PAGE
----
What would likely increase the survival of a person with a deadly disease? Early detection—although depending on the nature of disease, it is sometimes not possible.
Now, researchers at Cockrell School of Engineering are creating ‘motorized sensors’ to address the problem.
"It's highly important to detect diseases early and accurately, and to do that you need to be able to find very low concentrations of biomarkers," said Donglei (Emma) Fan, associate professor in the Walker Department of Mechanical Engineering, who led the research published recently in the journal ACS Nano. "And people want to know their results quickly and not have to wait around for hours or days."
The idea of sensors can speed up disease testing and reduce the burden of flooded hospitals. It can potentially give a patient a result in hours as opposed to days.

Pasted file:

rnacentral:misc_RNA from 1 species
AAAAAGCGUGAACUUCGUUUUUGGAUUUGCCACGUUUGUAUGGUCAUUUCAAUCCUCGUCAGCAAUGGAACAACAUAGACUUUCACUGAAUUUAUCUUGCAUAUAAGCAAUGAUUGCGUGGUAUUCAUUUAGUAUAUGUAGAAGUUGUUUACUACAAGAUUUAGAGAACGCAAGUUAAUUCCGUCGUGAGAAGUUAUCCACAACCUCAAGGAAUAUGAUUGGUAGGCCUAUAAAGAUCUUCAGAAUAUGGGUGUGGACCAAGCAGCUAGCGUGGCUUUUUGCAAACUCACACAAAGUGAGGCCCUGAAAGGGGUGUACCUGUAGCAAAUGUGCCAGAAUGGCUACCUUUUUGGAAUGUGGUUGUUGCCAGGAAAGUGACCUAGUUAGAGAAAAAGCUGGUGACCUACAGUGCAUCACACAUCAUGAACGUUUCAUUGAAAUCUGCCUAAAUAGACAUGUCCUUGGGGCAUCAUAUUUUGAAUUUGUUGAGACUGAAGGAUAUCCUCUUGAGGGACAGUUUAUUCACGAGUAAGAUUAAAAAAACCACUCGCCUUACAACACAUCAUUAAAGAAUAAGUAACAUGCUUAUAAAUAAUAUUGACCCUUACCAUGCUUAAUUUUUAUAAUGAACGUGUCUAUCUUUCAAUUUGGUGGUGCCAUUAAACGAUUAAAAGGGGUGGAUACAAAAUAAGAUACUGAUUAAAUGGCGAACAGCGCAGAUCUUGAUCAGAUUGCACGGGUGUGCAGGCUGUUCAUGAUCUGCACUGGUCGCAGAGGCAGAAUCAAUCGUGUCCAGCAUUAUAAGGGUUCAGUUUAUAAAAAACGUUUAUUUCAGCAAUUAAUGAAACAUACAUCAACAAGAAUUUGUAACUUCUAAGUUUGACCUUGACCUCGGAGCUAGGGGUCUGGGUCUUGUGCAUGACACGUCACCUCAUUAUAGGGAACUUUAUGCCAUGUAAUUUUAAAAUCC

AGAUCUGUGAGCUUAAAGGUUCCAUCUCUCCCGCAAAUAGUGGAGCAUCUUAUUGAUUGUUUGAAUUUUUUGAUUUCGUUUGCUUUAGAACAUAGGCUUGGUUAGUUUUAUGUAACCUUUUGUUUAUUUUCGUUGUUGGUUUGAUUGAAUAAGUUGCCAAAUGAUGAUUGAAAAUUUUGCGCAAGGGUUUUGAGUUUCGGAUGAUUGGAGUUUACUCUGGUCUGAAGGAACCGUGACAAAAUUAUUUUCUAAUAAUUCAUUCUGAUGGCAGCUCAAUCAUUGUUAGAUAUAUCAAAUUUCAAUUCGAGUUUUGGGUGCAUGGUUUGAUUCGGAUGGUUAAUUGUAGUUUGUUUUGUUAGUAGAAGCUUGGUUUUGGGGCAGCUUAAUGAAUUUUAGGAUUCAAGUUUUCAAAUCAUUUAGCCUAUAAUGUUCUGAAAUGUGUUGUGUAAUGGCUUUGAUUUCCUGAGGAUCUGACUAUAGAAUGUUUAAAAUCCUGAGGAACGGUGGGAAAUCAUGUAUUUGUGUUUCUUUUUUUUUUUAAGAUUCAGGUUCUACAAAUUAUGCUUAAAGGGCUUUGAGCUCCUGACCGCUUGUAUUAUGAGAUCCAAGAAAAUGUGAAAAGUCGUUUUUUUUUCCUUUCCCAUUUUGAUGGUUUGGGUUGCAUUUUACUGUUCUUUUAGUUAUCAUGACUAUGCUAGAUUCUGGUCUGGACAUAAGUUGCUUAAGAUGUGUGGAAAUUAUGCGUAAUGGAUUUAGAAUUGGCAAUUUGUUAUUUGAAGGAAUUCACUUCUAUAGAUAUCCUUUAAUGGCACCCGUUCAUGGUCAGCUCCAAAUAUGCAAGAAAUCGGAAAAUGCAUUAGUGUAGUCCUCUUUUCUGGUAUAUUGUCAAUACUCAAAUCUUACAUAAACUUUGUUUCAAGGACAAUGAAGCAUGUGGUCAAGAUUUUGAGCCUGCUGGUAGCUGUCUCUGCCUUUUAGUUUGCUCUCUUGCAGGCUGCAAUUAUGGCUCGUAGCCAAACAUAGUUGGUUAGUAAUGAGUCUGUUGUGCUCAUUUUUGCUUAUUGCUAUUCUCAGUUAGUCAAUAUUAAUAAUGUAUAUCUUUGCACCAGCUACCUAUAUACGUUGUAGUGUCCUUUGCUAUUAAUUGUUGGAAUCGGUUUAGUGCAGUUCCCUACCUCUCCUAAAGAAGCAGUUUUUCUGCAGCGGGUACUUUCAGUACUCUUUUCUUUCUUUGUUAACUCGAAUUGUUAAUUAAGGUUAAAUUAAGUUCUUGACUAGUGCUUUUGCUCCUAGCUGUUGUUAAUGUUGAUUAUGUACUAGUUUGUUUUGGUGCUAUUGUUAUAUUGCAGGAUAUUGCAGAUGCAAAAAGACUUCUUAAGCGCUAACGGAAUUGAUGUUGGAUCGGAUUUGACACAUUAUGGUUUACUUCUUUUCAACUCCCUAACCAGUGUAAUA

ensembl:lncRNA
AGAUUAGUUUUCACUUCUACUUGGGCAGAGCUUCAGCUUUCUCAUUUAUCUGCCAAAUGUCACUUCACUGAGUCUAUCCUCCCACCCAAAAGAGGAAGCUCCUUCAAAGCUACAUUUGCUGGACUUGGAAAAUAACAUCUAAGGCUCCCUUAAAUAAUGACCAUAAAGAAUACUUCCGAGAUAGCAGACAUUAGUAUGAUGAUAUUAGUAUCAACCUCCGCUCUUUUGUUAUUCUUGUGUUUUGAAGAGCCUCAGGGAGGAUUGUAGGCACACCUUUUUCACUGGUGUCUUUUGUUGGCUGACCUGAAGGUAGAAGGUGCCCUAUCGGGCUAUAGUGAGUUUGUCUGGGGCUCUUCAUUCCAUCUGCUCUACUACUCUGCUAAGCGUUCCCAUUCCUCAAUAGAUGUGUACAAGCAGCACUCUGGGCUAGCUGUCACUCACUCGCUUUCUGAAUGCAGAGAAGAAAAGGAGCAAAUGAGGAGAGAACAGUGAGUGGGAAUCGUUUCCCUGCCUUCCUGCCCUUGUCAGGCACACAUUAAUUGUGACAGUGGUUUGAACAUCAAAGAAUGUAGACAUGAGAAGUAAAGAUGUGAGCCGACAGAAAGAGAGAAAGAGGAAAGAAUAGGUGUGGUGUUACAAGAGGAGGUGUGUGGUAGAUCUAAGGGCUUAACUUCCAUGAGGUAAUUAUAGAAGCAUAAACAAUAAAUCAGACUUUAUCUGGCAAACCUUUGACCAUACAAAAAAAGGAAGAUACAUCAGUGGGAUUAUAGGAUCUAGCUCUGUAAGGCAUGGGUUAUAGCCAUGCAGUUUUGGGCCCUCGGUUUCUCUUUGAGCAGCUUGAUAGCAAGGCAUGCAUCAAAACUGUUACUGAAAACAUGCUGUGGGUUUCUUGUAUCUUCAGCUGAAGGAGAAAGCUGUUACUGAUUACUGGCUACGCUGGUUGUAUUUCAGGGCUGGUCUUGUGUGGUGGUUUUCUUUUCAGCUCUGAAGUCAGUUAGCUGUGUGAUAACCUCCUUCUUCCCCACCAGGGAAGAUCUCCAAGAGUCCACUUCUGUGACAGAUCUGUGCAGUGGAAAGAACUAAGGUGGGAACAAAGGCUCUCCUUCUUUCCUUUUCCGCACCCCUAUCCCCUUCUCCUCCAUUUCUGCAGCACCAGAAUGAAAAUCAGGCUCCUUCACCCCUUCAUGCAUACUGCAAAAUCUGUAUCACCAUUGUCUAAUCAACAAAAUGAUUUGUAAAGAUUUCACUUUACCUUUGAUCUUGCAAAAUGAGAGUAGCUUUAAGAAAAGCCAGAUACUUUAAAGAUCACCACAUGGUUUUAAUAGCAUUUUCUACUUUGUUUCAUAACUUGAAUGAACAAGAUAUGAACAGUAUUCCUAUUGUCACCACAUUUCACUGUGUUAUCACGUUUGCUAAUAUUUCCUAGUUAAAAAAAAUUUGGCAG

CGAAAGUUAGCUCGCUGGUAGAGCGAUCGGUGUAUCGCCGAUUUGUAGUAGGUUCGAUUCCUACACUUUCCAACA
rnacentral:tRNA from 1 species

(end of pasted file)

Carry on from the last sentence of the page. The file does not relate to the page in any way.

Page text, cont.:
"Everyone can be their own nurse to some degree, and then if there are any problems they can talk to a doctor," Fan said.
Learn more about current disease detection methods:
Although good news, small sensors often pose an issue as they have a slow turnaround time that decreases the accuracy of a test as result of a contamination risk.
"What we have demonstrated is not the limit," Fan said. "If we spin the sensor faster we can get even quicker detection."
Source: Science Daily